Continued support from Austria to DOAJ

News Service

We are happy to announce that Austria is continuing its strong support to DOAJ.

As we informed last year universities, research centers, the Austrian Science Fund (FWF) and the Federal Ministry of Science, Research and Economy (BMWFW) decided to support the work we do, generating more than € 30,000 to DOAJ.

We are extremely grateful for that, especially that the Federal Ministry of Science, Research and Economy is among the contributors, in fact the first ministry supporting DOAJ.

Austria once again showing leadership in Open Access and Open Science!

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Comment améliorer la pratique de l’Open Access au sein d’une COMUE comme PSL? Interview Catherine Kounelis, part.2

Catherine Kounelis, responsable de la mission Open Access au sein de la COMUE PSL, revient sur la pratique actuelle des enseignants et chercheurs de PSL en matière d’Open Access et l’ac…

Source: Comment améliorer la pratique de l’Open Access au sein d’une COMUE comme PSL? Interview Catherine Kounelis, part.2

Open Access: The sorry state of Indian repositories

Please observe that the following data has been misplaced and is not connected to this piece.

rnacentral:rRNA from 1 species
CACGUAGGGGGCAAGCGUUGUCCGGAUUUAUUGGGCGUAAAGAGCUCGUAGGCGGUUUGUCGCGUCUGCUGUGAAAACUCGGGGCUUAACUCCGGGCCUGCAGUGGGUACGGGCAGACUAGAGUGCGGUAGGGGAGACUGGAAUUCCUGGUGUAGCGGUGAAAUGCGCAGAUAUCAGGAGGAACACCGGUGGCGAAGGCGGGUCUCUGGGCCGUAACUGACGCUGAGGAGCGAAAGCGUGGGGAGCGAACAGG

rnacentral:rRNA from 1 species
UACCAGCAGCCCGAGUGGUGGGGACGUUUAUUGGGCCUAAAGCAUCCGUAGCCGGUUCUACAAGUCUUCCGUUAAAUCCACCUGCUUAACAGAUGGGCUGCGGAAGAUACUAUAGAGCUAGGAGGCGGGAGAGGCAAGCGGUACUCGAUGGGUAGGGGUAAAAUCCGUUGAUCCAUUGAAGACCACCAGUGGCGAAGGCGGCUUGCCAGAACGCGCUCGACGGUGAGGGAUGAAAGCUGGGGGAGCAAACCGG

Science Chronicle

India may not have a national Open Access policy in place, but the Council of Scientific & Industrial Research (CSIR), The Indian Council of Agricultural Research (ICAR), The Department of Science & Technology (DST), the Department of Biotechnology (DBT), The University Grants Commission (UGC) have Open Access policies that clearly mandate researchers to deposit their papers in institutional repositories. National institutes such IITs and IISc too have repositories and similar mandates.

Yet, of the 69 Indian repositories listed in the Directory of Open Access Repositories (DOAR) and registry of Open Access Repositories (ROAR), only 12 repositories added “at least one item during a month” during the period July 2016 to June 2016. Seventeen repositories did not add even a single item during the course of the year of study, while 40 were “irregular” in adding items to the repositories, says a Correspondence published today (January 25) in Current Science.

Worse, some…

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India’s white list to curb researchers from publishing in predatory journals

Science Chronicle

predatory-optimized The UGC’s white list should be adopted by CSIR, IMCR, ICAR, IITs, IISERs and NITs as well.

In a bid to tackle the growing menace of researchers publishing in predatory journals, the University Grants Commission notified on January 10 a list of journals in different disciplines where researcher scholars and teachers can publish their papers. Only papers published in the approved journals will be recognised at the time of recruitment and for granting points (under the Academic Performance Indicators (API) system) to teachers in colleges and universities at the time of assessment for promotion. “This is a dynamic list which may be reviewed from time to time,” says the notification.